SBOS969F October   2019  – January 2022 OPA2991 , OPA4991 , OPA991


  1. Features
  2. Applications
  3. Description
  4. Revision History
  5. Pin Configuration and Functions
  6. Specifications
    1. 6.1 Absolute Maximum Ratings
    2. 6.2 ESD Ratings
    3. 6.3 Recommended Operating Conditions
    4. 6.4 Thermal Information for Single Channel
    5. 6.5 Thermal Information for Dual Channel
    6. 6.6 Thermal Information for Quad Channel
    7. 6.7 Electrical Characteristics
    8. 6.8 Typical Characteristics
  7. Detailed Description
    1. 7.1 Overview
    2. 7.2 Functional Block Diagram
    3. 7.3 Feature Description
      1. 7.3.1  Input Protection Circuitry
      2. 7.3.2  EMI Rejection
      3. 7.3.3  Thermal Protection
      4.      22
      5. 7.3.4  Capacitive Load and Stability
      6. 7.3.5  Common-Mode Voltage Range
      7. 7.3.6  Phase Reversal Protection
      8. 7.3.7  Electrical Overstress
      9. 7.3.8  Overload Recovery
      10. 7.3.9  Typical Specifications and Distributions
      11. 7.3.10 Packages With an Exposed Thermal Pad
      12. 7.3.11 Shutdown
    4. 7.4 Device Functional Modes
  8. Application and Implementation
    1. 8.1 Application Information
    2. 8.2 Typical Applications
      1. 8.2.1 Low-Side Current Measurement
        1. Design Requirements
        2. Detailed Design Procedure
        3. Application Curves
  9. Power Supply Recommendations
  10. 10Layout
    1. 10.1 Layout Guidelines
    2. 10.2 Layout Example
  11. 11Device and Documentation Support
    1. 11.1 Device Support
      1. 11.1.1 Development Support
        1. TINA-TI (Free Software Download)
        2. TI Precision Designs
    2. 11.2 Documentation Support
      1. 11.2.1 Related Documentation
    3. 11.3 Receiving Notification of Documentation Updates
    4. 11.4 Support Resources
    5. 11.5 Trademarks
    6. 11.6 Electrostatic Discharge Caution
    7. 11.7 Glossary
  12. 12Mechanical, Packaging, and Orderable Information

Package Options

Mechanical Data (Package|Pins)
Thermal pad, mechanical data (Package|Pins)
Orderable Information

Electrical Overstress

Designers often ask questions about the capability of an operational amplifier to withstand electrical overstress (EOS). These questions tend to focus on the device inputs, but may involve the supply voltage pins or even the output pin. Each of these different pin functions have electrical stress limits determined by the voltage breakdown characteristics of the particular semiconductor fabrication process and specific circuits connected to the pin. Additionally, internal electrostatic discharge (ESD) protection is built into these circuits to protect them from accidental ESD events both before and during product assembly.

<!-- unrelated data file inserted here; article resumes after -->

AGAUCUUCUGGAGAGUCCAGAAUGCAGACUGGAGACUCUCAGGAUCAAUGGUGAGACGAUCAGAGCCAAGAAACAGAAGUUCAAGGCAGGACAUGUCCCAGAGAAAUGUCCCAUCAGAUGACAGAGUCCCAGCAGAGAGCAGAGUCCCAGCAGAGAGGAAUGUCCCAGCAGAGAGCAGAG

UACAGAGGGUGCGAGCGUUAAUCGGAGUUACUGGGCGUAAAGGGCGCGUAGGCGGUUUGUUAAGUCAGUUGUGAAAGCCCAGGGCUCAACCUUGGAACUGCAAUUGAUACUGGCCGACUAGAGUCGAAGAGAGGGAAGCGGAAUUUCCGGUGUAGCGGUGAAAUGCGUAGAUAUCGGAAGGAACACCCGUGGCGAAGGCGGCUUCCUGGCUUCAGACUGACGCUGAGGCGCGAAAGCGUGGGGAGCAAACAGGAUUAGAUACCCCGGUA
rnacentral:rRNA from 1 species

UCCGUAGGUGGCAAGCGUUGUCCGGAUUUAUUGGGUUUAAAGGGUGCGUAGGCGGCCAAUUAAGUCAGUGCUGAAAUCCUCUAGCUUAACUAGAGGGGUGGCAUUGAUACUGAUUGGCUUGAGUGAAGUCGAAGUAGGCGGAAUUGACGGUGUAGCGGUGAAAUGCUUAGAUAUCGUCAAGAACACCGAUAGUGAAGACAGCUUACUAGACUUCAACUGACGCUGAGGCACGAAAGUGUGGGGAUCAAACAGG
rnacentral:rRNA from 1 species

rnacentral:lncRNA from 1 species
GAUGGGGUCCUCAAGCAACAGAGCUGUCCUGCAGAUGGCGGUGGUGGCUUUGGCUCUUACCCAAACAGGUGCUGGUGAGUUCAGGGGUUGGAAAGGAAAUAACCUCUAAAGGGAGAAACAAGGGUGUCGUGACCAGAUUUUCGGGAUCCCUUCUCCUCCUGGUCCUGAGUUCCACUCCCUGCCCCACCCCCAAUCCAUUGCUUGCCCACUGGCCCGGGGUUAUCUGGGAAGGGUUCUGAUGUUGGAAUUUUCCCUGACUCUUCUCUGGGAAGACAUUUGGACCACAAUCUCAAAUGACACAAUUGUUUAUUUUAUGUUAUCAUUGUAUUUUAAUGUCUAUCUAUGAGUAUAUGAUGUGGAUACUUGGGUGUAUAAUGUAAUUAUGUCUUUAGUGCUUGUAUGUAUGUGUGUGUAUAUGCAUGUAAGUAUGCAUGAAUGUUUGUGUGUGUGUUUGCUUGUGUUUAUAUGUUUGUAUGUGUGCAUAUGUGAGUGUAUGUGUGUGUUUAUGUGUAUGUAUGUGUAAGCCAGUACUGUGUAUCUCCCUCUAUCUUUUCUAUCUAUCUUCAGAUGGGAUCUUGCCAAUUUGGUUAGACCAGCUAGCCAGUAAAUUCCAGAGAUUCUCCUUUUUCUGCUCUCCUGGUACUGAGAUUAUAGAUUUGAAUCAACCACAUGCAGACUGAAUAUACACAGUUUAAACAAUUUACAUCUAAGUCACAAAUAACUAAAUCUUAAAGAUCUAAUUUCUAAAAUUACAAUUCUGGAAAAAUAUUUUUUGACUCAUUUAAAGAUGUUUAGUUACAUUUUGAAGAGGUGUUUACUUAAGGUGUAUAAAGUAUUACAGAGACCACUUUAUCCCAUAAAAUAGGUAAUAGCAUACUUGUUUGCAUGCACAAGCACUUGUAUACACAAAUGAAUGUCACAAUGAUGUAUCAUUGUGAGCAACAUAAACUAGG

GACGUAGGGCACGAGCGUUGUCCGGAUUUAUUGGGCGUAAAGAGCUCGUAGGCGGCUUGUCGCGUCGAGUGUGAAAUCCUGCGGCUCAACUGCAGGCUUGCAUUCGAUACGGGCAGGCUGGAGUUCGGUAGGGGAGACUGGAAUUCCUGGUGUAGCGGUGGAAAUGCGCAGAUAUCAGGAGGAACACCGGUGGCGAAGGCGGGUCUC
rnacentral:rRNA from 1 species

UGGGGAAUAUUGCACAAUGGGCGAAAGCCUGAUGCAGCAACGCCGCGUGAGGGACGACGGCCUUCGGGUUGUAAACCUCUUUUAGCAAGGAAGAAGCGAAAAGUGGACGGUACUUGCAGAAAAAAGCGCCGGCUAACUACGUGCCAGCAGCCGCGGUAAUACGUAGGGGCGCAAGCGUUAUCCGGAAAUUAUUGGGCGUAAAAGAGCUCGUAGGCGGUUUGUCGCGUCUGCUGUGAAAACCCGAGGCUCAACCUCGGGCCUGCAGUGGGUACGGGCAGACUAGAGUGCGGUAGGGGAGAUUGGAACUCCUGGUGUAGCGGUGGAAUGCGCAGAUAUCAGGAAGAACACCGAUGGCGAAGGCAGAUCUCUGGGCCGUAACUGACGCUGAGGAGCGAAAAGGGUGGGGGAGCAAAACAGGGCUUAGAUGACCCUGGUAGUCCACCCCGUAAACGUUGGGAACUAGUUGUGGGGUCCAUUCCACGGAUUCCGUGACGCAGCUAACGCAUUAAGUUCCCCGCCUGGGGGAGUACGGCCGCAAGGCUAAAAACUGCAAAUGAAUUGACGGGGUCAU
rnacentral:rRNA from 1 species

Having a good understanding of this basic ESD circuitry and its relevance to an electrical overstress event is helpful. Figure 7-10 shows an illustration of the ESD circuits contained in the OPAx991 (indicated by the dashed line area). The ESD protection circuitry involves several current-steering diodes connected from the input and output pins and routed back to the internal power-supply lines, where the diodes meet at an absorption device or the power-supply ESD cell, internal to the operational amplifier. This protection circuitry is intended to remain inactive during normal circuit operation.

Figure 7-10 Equivalent Internal ESD Circuitry Relative to a Typical Circuit Application

An ESD event is very short in duration and very high voltage (for example; 1 kV, 100 ns), whereas an EOS event is long duration and lower voltage (for example; 50 V, 100 ms). The ESD diodes are designed for out-of-circuit ESD protection (that is, during assembly, test, and storage of the device before being soldered to the PCB). During an ESD event, the ESD signal is passed through the ESD steering diodes to an absorption circuit (labeled ESD power-supply circuit). The ESD absorption circuit clamps the supplies to a safe level.

Although this behavior is necessary for out-of-circuit protection, excessive current and damage is caused if activated in-circuit. A transient voltage suppressors (TVS) can be used to prevent against damage caused by turning on the ESD absorption circuit during an in-circuit ESD event. Using the appropriate current limiting resistors and TVS diodes allows for the use of device ESD diodes to protect against EOS events.